“So if black-sounding names are looked at with such suspicion, why do some black people persist in using them?” one of the questions raised in the article read. “And where did the practice start in the first place?”

Later in the article, CNN reveals that LaKeisha is married with two kids who bear non-traditional names as well, and that she has “learned to live with being black for a minute.”

“A name doesn't make a non-Black person 'Black for a minute,' that's a trash take,” wrote one Twitter user in response to the article. Another wrote “I don’t know what you were trying to accomplish with this when black folk faced with ethnic names faced more consequences than a white chick name lakiesha.”

Where do you stand on the topic? Let us know in the comments, and check out a few opinions below.

Read it twice just to make sure I didn't miss anything the first time. And sure enough it was worse the second time around. A name doesn't make a non-Black person "Black for a minute," that's a trash take. S/n: Jamal while a somewhat common name in the Black community is Arabic. pic.twitter.com/O6HXYeM66M

— IAmDamion🎤 (@themorganrpt) June 16, 2019

I don’t know what you were trying to accomplish with this when black folk faced with ethnic names faced more consequences than a white chick name lakiesha. I’m sure with her complexion she still got the American protection!

— H Boog (@HankDon_1) June 16, 2019

I don’t know what you were trying to accomplish with this when black folk faced with ethnic names faced more consequences than a white chick name lakiesha. I’m sure with her complexion she still got the American protection!

— H Boog (@HankDon_1) June 16, 2019

I don’t know what you were trying to accomplish with this when black folk faced with ethnic names faced more consequences than a white chick name lakiesha. I’m sure with her complexion she still got the American protection!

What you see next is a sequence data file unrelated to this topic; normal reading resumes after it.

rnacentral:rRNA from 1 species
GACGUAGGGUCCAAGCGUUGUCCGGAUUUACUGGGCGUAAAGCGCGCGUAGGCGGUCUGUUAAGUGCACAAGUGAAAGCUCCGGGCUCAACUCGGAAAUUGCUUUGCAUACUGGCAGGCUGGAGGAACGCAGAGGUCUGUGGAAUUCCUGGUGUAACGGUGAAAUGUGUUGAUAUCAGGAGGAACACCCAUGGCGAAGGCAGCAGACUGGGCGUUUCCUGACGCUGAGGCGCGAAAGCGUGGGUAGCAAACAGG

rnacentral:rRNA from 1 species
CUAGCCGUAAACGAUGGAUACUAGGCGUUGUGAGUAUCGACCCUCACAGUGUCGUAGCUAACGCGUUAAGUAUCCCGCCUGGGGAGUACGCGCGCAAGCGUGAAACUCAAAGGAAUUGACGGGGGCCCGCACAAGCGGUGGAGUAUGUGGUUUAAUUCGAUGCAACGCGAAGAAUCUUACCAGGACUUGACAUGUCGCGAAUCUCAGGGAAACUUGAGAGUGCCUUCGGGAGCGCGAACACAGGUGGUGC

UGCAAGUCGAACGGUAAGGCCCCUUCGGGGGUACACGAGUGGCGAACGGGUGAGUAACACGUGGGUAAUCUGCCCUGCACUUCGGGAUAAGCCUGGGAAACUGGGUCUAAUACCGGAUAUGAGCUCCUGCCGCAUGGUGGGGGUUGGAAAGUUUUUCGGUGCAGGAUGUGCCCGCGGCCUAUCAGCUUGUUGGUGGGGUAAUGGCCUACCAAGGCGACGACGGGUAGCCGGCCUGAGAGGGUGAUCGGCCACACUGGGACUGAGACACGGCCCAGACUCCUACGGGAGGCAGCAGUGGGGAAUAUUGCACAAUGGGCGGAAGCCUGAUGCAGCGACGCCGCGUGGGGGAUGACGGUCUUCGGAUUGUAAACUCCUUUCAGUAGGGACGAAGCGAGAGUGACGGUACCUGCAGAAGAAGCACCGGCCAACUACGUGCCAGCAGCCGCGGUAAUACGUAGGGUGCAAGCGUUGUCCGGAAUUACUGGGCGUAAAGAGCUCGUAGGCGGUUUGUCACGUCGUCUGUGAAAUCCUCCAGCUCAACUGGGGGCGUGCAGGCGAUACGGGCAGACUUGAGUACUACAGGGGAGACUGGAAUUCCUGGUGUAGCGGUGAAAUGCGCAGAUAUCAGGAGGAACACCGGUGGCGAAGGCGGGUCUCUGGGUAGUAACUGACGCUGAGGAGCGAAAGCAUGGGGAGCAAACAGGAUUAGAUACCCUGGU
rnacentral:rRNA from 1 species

— H Boog (@HankDon_1) June 16, 2019

I don’t know what you were trying to accomplish with this when black folk faced with ethnic names faced more consequences than a white chick name lakiesha. I’m sure with her complexion she still got the American protection!

— H Boog (@HankDon_1) June 16, 2019

She can change her name. But we can’t change the color of our skin or the hate they have for us.

— Sh (@shersweety) June 16, 2019

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Ava DuVernay Joins THR's Roundtable To Talk 'When They See Us' Success

It took Ava DuVernay four years to write, research, cast and film Netflix's four-part series When They See Us; the story of how five black and brown boys from New York City were falsely accused and convicted of raping a 28-year-old white female jogger in Central Park.

The teens--Kevin Richardson, Antron McCray, Raymond Santana, Yusef Salaam, and Korey Wise--were no older than 16 in 1989 when real-estate developer Donald Trump, took out full-page ads in four city papers calling for their deaths.

Thirty years later, the men known by the nation as the Central Park 5, are having their say in what Netflix confirms to be the most-watched television series in the United States since its May 31 premiere date.

Continuing promotion, DuVernay joined actor turned director Ben Stiller, (Escape at Dannemora), Patty Jenkins, (Wonder Woman) Jean-Marc Vallée, (Sharp Objects) and Adam McKay (Succession) to discuss how she chooses which TV or film projects to tackle.

"This is really a tough job," DuVernay, 46, said. "I just gotta like it for myself. I'm tethered to these things for years, you know?"

The Academy-Award nominated director said her films are more than just pieces of art. They're an extension of what will stand long after she's gone.

"I also don't have children. These projects are also my children. My name's on this. That matters to me. This is what lives on when I'm done."

DuVernay admitted for a while she didn't want to be branded as the "social justice girl" in Hollywood but came to later accept it.  "I get every slavery script. All of them, history script, every first black firefighter in Delaware," DuVernay quipped. Like, that's a story that deserves to be told. I mean, really?"

Watch DuVernay talk about how she coaches her actors through traumatic roles.